Author : J. S. Kachelries

The Gossamer Comet hung motionless 10 meters beyond the Folkestone Colony’s outermost habitation “wheel.” The Gossamer Comet was a one-man “human-powered” spacecraft that was about to attempt to win the last unclaimed Kremer Prize, a £100,000 award for the first person to “fly” unaided, in less than twelve hours, between any two of the 247 space colonies in geostationary orbit.

Generally, all of the attempts to make the human-powered crossing involved Newton’s third law. Contestants would typically launch massive projectiles using a human compressed spring in one direction, and the ship would move in the opposite direction at a velocity proportional to the mass of the projectiles and the ship. Alternatively, contestants would use a hand pump to pressurize a liquid, and release it like a rocket exhaust. The big problem, however, was achieving the correct trajectory. In orbit, there were complicating factors. If the ship moves retrograde (opposite to the direction of Earth’s rotation) its orbital velocity decreases. This means that it is no longer in geostationary orbit, and it starts to “fall” perceptibly toward the Earth. Consequently, after traveling several hundred kilometers, it misses the target low. Some intrepid designers added multidirectional “guidance” capability to their ships. But all those craft ended up rotating helplessly out of control (the rules prohibited gyroscopes on the ship). In over twenty years of trying, nobody had been able to “thread the needle” (i.e., achieve the correct angle and velocity to dock successfully with an adjacent space colony).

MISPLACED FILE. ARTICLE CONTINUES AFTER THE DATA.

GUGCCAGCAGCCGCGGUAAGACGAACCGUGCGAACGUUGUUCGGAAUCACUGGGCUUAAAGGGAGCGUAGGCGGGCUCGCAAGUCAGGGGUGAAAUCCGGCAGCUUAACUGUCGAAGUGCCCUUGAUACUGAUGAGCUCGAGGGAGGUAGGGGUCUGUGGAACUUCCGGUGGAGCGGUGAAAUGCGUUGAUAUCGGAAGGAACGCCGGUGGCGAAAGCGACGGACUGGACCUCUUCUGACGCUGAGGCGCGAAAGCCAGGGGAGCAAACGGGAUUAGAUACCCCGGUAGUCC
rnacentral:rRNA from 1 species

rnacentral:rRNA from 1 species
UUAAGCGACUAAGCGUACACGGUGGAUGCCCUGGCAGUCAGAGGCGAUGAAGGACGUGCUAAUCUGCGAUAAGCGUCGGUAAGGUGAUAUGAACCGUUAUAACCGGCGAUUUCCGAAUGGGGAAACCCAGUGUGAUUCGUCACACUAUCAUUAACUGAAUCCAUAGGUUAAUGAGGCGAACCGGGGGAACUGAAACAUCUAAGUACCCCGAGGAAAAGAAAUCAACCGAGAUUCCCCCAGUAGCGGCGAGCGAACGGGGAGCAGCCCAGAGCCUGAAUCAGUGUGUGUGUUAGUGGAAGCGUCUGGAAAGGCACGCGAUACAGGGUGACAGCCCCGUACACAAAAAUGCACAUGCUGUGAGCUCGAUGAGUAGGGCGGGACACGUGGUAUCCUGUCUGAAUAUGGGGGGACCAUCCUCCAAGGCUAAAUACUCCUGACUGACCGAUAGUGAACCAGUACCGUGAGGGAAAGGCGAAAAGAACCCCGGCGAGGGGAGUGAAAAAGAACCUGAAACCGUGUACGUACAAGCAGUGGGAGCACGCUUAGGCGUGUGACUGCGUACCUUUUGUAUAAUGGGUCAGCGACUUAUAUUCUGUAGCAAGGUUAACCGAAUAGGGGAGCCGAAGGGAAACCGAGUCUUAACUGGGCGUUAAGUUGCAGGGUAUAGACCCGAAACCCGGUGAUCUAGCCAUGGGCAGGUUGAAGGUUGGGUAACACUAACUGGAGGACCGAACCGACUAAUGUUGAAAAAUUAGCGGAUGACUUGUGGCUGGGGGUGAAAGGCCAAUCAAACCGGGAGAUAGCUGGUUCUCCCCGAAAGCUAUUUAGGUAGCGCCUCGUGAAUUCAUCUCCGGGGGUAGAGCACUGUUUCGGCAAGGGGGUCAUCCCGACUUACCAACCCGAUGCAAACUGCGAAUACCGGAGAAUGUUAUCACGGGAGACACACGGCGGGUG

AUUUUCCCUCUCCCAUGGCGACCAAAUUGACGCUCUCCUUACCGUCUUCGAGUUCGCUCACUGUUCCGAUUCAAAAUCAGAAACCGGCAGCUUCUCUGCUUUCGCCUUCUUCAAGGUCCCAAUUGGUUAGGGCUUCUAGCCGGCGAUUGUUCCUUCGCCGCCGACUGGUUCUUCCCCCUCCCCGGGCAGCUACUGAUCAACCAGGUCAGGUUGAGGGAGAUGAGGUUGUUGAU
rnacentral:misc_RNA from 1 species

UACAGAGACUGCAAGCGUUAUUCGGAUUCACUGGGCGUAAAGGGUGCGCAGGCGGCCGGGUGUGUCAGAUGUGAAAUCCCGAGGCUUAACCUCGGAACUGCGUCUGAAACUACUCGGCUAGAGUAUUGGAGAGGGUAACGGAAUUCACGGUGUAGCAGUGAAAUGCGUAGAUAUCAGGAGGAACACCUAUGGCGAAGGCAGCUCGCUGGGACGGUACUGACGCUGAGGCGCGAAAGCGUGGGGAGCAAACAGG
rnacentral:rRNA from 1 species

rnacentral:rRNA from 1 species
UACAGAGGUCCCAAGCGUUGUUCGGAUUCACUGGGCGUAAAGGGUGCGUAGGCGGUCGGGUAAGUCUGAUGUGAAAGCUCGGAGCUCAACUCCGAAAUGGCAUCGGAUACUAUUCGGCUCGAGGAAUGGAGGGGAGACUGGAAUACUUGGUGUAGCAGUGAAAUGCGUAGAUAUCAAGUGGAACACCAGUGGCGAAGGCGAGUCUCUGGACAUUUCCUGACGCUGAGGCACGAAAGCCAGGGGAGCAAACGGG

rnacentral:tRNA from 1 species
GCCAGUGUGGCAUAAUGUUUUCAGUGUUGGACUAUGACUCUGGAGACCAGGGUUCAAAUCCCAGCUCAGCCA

But today, Allen Bryan, a 25-year-old graduate student in Physics, had a plan to improve his odds. He had spent months preparing for this attempt. Seconds after he was notified that the twelve-hour time limit had begun, he exited a hatch and clipped a tether line to his spacesuit. He then began turning a winch that caused a circular hull plate to move inside his ship. He climbed into the newly created cavity, and satisfied that he was aimed correctly, released the preloaded spring. As shocked onlookers watched, Bryan launched his body at an angle slightly outboard of the Gris-Nez Station, which was 358 kilometers “behind” the Folkestone. Of course, his more massive ship moved slowly in the opposite direction. Bryan had meticulously controlled the mass of the ship, the tether line, and his own mass. As he flew on a trajectory outboard of the Gris-Nez, he began to drop toward the Earth because of his retrograde motion. His plan was to overshoot the Gris-Nez, but cross its orbit five to ten kilometers on the far side. After eight hours of flight, the 500-kilometer long Kevlar tether line had played out. Bryan was safely beyond, and below, the Gris-Nez, with his tether line “draped” across the outer wheel of the space station. Bryan began to feverishly crank the winch on his spacesuit to reel himself in. He continued to shorten the tether line until he lightly crashed into the Gris-Nez colony two hours later. Exhausted, he scrambled into an open cargo bay.

“Very clever, Mister Bryan,” said a member of the Royal Aerospace Society’s Human-Powered Spacecraft Rules Committee, “that technique significantly increased your margin of error. Very clever, indeed. However, the rules clearly stipulate that ‘the pilot and the ship’ must arrive at the space station to claim the £100,000 prize. I suggest, sir, that you get busy manually hauling in your ship. You only have two hours left on the clock.”

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